The dramatic, fictionalized account of Robert Falcon Scott’s famed and fatal expedition to Antarctica by one of Britain’s best-loved authors. Departing from Cardiff in 1910, the Terra Nova entered dark waters and headed south. On board were Petty Officer Edgar “Taff” Evans, Dr. Edward “Uncle Bill” Wilson, Capt. Robert Falcon “Con” Scott, Lt. Henry Robertson “Birdie” Bowers, and Capt. Lawrence Edward “Titus” Oates. Through an imaginative yet historically accurate retelling of the crew’s mission to become the first explorers to reach the South Pole—and with each of the book’s five chapters narrated from the unique perspective of one of these men—author Beryl Bainbridge imbues a tragic and thrilling adventure story with profound psychological, metaphysical, and emotional insight. The first three chapters of The Birthday Boys—recounted by Evans, Wilson, and Scott, respectively—tell of the preparations and fundraising required for the journey, two stopovers in Madeira and South Trinidad Island, and the difficult conditions the expedition faces when they land on Antarctica. It is Wilson who first fears for the safety of the crew, when from atop the ship’s crow’s-nest he spies a fantastical half-man-half-bird creature flying above the sea. The doctor is certain this apparition is a harbinger of death. Troubles then ensue when Scott sets up a base camp at Cape Evans as well as several depots in the direction of the South Pole. The motor sledge breaks down almost immediately, several ponies are lost to the harsh elements, and it is revealed that a competing polar expedition led by Norwegian explorer Roald Amundsen is already well ahead of Scott’s team. In the final two chapters—told by Bowers and Oates—readers are taken on a dangerous but spectacular detour to a penguin rookery, where the men witness gorgeous auroras, build an igloo, gather eggs, and slaughter the arctic birds for their blubber. When a violent blizzard hits, it looks as if no one will make it out alive. But brotherly love in the face of all odds gives the men the power to survive, and the five heroes set off on their final march to the South Pole. Though history has already revealed the catastrophic end of this tale, Bainbridge shows us the bravery, courage, and humanity essential to the adventure. Masterfully blurring the boundaries between fact and fiction, The Birthday Boys is a compelling historical biography that challenges readers to discover truths that can only be reached through the imagination. This ebook features an illustrated biography of Beryl Bainbridge including rare images from the author’s estate.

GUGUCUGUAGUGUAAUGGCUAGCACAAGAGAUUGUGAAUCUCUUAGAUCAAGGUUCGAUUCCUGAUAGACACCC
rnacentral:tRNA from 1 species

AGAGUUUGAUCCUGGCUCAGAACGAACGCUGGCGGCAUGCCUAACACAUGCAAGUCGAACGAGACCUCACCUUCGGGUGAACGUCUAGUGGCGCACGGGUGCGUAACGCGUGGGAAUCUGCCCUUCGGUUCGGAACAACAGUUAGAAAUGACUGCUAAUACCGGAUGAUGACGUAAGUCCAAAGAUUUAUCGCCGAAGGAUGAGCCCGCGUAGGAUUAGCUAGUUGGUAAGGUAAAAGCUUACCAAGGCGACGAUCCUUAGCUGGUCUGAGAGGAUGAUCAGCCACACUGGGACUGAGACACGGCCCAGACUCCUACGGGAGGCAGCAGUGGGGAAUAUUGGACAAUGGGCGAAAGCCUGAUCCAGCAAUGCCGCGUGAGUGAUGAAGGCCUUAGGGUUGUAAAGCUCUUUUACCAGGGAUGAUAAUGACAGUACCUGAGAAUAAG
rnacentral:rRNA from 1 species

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Antarctica